Ah, the ubiquitous telephone. People have them stuck to their ears or have Bluetooth “implants” on the side of their heads everywhere they go. One day, I came to the startling realization that I’m not as important as I seem to think I am. Most people have no idea how costly this little convenience is. Make another list and list all the phones, phone services, other accessories (fax machines and such) that you have. Get the monthly bills out and write down the cost of every phone and service. Who has these phones – just you, you and your spouse, each of your kids, business colleagues, etc? You’d be surprised at how much those, so-called, family plans can add up to. Get rid of your landline phone. Get rid of your fax machine. Set yourself up with the cellular phone that provides only what YOU need. Smart phones aren’t for everyone. Don’t get one because it’s trendy or cool or you can play games on it or check your Facebook account. Get one because you actually NEED one. Otherwise, buy a simple phone on a flat rate plan.
Set up a couple Google Voice phone lines – [Hint – they are FREE!]. They provide both incoming and outgoing nationwide and Canadian calling. They also have a very advanced voice mail system that will answer not only your Google Voice line, but also your cell phone line – consolidating all voice mail in one system. Additionally, Google Voice transcribes the voice message to a text message and sends it to your cell phone as a text message and to your email account, plus you can listen to the call from your email, your Google Voice account or on your cell phone – or any phone for that matter. I also recommend you set up a Skype account allowing you to have audio or video chats with friends and family around the world, computer to computer, at no charge. For a tiny fee you can also call landline and mobile phones from your Skype account. Ultimately, you’ll save potentially a thousand dollars or more per year. Time to simplify by using technology.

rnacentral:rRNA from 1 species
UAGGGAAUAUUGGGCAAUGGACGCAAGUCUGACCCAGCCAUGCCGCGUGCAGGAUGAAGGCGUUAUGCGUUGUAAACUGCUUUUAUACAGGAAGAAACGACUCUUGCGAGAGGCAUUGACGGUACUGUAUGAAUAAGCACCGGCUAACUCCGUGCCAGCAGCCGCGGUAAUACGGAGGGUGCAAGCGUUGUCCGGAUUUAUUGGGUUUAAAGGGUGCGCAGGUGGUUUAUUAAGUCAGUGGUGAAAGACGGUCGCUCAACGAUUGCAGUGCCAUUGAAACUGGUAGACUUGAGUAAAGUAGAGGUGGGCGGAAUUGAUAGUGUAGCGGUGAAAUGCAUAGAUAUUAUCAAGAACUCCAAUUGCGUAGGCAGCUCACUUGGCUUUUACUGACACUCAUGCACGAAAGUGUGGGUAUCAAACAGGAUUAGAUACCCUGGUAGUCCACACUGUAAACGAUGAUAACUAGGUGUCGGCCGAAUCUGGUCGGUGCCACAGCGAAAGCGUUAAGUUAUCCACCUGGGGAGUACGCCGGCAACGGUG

Here’s one other tip. Just because your phone rings, doesn’t mean you have to answer it. That’s what voice-mail is for. Take a vacation from phone calls whenever you want to. You don’t have to be available to everyone 24/7. Also, disable call waiting. Once again, that’s what voice mail is for. There is nothing as annoying as being in a conversation and having the other party let you know how important your conversation is by putting you on hold to take another call. By the way, you also don’t have to answer your doorbell just because it rings.
This post is very long, so you have enough for right now to think about and digest. I’ll post the other eight simplifying suggestions later this week. And, as I said, I’ll reactivate my other blog on The Simple Life and put more in depth posts up there as well as others that haven’t been covered in these basic 15 ideas. Simplifying, again, is not an overnight process. There are lots of considerations, mindsets and habits to deal with. But, you’ll never get anywhere until you start somewhere. And once you realize how much better life is when you simplify it, you’ll wonder why it took you so long to get around to doing it.